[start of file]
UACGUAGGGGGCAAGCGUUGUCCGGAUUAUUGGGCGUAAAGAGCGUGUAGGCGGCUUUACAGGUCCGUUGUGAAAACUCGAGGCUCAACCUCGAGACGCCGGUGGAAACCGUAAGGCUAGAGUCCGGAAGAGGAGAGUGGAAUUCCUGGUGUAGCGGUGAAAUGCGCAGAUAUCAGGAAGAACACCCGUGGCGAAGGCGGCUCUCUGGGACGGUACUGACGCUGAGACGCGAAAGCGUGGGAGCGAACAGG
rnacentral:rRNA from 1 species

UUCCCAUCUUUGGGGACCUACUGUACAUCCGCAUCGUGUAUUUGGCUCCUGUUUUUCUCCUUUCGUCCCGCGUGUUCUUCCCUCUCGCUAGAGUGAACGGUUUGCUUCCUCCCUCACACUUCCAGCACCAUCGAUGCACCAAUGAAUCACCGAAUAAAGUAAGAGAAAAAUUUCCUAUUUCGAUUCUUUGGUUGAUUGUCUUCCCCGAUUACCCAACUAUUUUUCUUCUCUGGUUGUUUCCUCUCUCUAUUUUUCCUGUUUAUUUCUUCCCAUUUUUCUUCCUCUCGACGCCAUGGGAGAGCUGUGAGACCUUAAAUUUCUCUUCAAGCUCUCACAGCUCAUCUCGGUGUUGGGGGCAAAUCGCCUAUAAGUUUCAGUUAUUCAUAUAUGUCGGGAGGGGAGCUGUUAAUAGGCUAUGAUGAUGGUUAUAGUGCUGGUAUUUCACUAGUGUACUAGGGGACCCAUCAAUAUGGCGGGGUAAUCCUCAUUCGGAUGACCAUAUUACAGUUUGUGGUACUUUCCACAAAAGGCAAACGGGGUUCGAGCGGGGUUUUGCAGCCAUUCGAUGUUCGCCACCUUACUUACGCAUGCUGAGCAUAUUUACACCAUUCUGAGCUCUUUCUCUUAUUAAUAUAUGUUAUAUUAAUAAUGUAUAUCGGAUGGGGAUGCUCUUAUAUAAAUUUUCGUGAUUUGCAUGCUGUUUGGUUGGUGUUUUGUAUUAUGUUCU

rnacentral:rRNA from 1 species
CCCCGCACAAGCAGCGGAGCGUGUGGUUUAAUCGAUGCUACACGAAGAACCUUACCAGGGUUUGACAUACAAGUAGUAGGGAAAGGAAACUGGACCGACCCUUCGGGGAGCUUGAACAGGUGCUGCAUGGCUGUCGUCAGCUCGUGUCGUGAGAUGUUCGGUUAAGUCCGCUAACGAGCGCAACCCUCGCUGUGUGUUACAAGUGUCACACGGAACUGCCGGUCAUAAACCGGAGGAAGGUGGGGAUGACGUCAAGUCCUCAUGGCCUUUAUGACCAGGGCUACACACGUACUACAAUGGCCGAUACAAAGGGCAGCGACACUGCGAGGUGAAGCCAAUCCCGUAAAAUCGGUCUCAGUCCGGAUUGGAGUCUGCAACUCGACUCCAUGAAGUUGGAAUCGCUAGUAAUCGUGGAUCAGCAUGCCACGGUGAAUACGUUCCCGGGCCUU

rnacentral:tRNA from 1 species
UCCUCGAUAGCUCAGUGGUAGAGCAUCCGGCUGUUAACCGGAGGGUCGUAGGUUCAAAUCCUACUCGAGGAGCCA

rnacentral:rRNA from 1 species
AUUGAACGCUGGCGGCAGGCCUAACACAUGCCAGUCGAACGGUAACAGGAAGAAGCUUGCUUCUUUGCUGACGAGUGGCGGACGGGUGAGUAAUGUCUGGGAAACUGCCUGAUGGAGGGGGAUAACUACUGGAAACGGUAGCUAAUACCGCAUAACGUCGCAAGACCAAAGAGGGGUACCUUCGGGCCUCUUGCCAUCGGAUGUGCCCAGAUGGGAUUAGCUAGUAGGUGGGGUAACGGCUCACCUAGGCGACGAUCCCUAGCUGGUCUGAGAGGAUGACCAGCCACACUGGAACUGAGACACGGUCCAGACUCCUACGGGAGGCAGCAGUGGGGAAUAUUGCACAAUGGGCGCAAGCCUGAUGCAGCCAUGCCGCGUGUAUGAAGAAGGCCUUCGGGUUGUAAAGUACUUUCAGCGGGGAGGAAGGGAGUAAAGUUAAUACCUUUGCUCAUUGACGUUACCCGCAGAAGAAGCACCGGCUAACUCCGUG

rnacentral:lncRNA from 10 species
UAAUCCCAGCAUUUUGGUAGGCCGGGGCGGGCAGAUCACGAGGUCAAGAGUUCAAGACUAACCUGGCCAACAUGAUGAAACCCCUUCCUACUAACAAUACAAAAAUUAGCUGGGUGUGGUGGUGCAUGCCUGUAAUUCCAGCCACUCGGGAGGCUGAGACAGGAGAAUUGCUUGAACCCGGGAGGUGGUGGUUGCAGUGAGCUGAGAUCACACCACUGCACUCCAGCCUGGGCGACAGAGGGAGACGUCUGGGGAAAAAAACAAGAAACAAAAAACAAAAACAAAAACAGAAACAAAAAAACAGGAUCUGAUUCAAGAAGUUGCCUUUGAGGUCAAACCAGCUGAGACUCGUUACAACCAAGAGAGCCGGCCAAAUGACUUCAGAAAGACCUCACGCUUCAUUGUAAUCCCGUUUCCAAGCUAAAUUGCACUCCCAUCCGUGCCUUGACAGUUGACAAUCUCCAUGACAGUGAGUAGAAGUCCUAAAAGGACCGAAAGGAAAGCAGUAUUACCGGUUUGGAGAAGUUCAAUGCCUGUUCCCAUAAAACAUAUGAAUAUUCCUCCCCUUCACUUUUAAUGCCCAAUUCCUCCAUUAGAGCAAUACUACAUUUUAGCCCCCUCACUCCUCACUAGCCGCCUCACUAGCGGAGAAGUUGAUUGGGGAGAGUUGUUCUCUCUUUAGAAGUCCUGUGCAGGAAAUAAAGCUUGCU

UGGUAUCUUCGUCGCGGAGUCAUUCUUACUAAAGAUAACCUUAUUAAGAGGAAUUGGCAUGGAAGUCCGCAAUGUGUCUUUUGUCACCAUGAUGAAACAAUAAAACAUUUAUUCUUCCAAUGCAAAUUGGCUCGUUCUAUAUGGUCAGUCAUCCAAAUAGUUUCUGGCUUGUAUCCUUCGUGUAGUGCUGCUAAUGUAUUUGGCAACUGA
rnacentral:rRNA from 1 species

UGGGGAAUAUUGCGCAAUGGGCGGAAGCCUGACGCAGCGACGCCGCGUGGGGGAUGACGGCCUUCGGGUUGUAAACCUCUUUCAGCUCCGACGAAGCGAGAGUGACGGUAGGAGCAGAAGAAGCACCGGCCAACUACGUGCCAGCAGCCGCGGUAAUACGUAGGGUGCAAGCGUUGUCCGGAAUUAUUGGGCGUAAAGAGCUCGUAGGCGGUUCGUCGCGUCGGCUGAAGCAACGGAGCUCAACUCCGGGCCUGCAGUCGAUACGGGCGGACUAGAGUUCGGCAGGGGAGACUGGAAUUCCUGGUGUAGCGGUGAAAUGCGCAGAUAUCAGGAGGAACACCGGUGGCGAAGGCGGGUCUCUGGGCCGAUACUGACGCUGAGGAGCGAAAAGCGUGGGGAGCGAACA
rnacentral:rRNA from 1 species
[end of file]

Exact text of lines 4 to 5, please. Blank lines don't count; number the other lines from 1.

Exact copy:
rnacentral:rRNA from 1 species
CCCCGCACAAGCAGCGGAGCGUGUGGUUUAAUCGAUGCUACACGAAGAACCUUACCAGGGUUUGACAUACAAGUAGUAGGGAAAGGAAACUGGACCGACCCUUCGGGGAGCUUGAACAGGUGCUGCAUGGCUGUCGUCAGCUCGUGUCGUGAGAUGUUCGGUUAAGUCCGCUAACGAGCGCAACCCUCGCUGUGUGUUACAAGUGUCACACGGAACUGCCGGUCAUAAACCGGAGGAAGGUGGGGAUGACGUCAAGUCCUCAUGGCCUUUAUGACCAGGGCUACACACGUACUACAAUGGCCGAUACAAAGGGCAGCGACACUGCGAGGUGAAGCCAAUCCCGUAAAAUCGGUCUCAGUCCGGAUUGGAGUCUGCAACUCGACUCCAUGAAGUUGGAAUCGCUAGUAAUCGUGGAUCAGCAUGCCACGGUGAAUACGUUCCCGGGCCUU